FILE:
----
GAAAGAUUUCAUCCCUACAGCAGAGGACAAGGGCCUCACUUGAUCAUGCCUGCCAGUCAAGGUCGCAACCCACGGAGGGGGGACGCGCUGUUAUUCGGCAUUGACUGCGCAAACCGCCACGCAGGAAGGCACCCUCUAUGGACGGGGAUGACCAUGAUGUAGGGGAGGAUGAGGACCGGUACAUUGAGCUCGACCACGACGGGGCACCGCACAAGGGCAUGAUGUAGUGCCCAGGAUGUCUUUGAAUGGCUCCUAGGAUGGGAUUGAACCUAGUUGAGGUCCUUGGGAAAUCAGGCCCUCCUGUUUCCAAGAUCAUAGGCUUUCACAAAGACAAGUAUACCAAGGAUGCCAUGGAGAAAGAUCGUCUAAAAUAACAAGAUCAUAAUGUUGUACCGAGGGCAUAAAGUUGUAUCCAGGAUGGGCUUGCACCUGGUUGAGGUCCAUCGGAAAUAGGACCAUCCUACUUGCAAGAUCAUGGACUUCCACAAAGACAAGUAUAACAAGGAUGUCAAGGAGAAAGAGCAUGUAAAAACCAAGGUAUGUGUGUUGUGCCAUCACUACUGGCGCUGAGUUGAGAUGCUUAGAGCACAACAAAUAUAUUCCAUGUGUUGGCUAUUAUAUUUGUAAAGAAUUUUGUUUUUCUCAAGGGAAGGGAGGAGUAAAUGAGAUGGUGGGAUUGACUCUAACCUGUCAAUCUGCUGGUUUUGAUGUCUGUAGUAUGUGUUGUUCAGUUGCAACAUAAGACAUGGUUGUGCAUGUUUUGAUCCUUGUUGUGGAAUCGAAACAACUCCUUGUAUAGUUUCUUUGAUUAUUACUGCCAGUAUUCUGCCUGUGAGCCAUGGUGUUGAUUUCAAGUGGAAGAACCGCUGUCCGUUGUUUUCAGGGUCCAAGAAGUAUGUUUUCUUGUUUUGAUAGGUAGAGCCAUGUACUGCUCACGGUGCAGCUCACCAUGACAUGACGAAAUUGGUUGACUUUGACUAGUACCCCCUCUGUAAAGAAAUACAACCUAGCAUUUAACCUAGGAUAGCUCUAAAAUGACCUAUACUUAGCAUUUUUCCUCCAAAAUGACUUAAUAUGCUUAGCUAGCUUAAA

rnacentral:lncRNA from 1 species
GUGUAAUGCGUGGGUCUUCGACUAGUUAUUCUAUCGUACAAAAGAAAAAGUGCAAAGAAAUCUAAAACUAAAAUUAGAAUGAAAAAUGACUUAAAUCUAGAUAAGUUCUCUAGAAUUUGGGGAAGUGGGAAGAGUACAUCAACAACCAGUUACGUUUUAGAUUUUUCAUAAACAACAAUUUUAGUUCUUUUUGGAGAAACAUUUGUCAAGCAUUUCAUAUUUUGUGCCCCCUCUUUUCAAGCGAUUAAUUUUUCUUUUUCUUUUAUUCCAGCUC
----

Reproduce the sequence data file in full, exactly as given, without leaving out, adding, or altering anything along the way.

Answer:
GAAAGAUUUCAUCCCUACAGCAGAGGACAAGGGCCUCACUUGAUCAUGCCUGCCAGUCAAGGUCGCAACCCACGGAGGGGGGACGCGCUGUUAUUCGGCAUUGACUGCGCAAACCGCCACGCAGGAAGGCACCCUCUAUGGACGGGGAUGACCAUGAUGUAGGGGAGGAUGAGGACCGGUACAUUGAGCUCGACCACGACGGGGCACCGCACAAGGGCAUGAUGUAGUGCCCAGGAUGUCUUUGAAUGGCUCCUAGGAUGGGAUUGAACCUAGUUGAGGUCCUUGGGAAAUCAGGCCCUCCUGUUUCCAAGAUCAUAGGCUUUCACAAAGACAAGUAUACCAAGGAUGCCAUGGAGAAAGAUCGUCUAAAAUAACAAGAUCAUAAUGUUGUACCGAGGGCAUAAAGUUGUAUCCAGGAUGGGCUUGCACCUGGUUGAGGUCCAUCGGAAAUAGGACCAUCCUACUUGCAAGAUCAUGGACUUCCACAAAGACAAGUAUAACAAGGAUGUCAAGGAGAAAGAGCAUGUAAAAACCAAGGUAUGUGUGUUGUGCCAUCACUACUGGCGCUGAGUUGAGAUGCUUAGAGCACAACAAAUAUAUUCCAUGUGUUGGCUAUUAUAUUUGUAAAGAAUUUUGUUUUUCUCAAGGGAAGGGAGGAGUAAAUGAGAUGGUGGGAUUGACUCUAACCUGUCAAUCUGCUGGUUUUGAUGUCUGUAGUAUGUGUUGUUCAGUUGCAACAUAAGACAUGGUUGUGCAUGUUUUGAUCCUUGUUGUGGAAUCGAAACAACUCCUUGUAUAGUUUCUUUGAUUAUUACUGCCAGUAUUCUGCCUGUGAGCCAUGGUGUUGAUUUCAAGUGGAAGAACCGCUGUCCGUUGUUUUCAGGGUCCAAGAAGUAUGUUUUCUUGUUUUGAUAGGUAGAGCCAUGUACUGCUCACGGUGCAGCUCACCAUGACAUGACGAAAUUGGUUGACUUUGACUAGUACCCCCUCUGUAAAGAAAUACAACCUAGCAUUUAACCUAGGAUAGCUCUAAAAUGACCUAUACUUAGCAUUUUUCCUCCAAAAUGACUUAAUAUGCUUAGCUAGCUUAAA

rnacentral:lncRNA from 1 species
GUGUAAUGCGUGGGUCUUCGACUAGUUAUUCUAUCGUACAAAAGAAAAAGUGCAAAGAAAUCUAAAACUAAAAUUAGAAUGAAAAAUGACUUAAAUCUAGAUAAGUUCUCUAGAAUUUGGGGAAGUGGGAAGAGUACAUCAACAACCAGUUACGUUUUAGAUUUUUCAUAAACAACAAUUUUAGUUCUUUUUGGAGAAACAUUUGUCAAGCAUUUCAUAUUUUGUGCCCCCUCUUUUCAAGCGAUUAAUUUUUCUUUUUCUUUUAUUCCAGCUC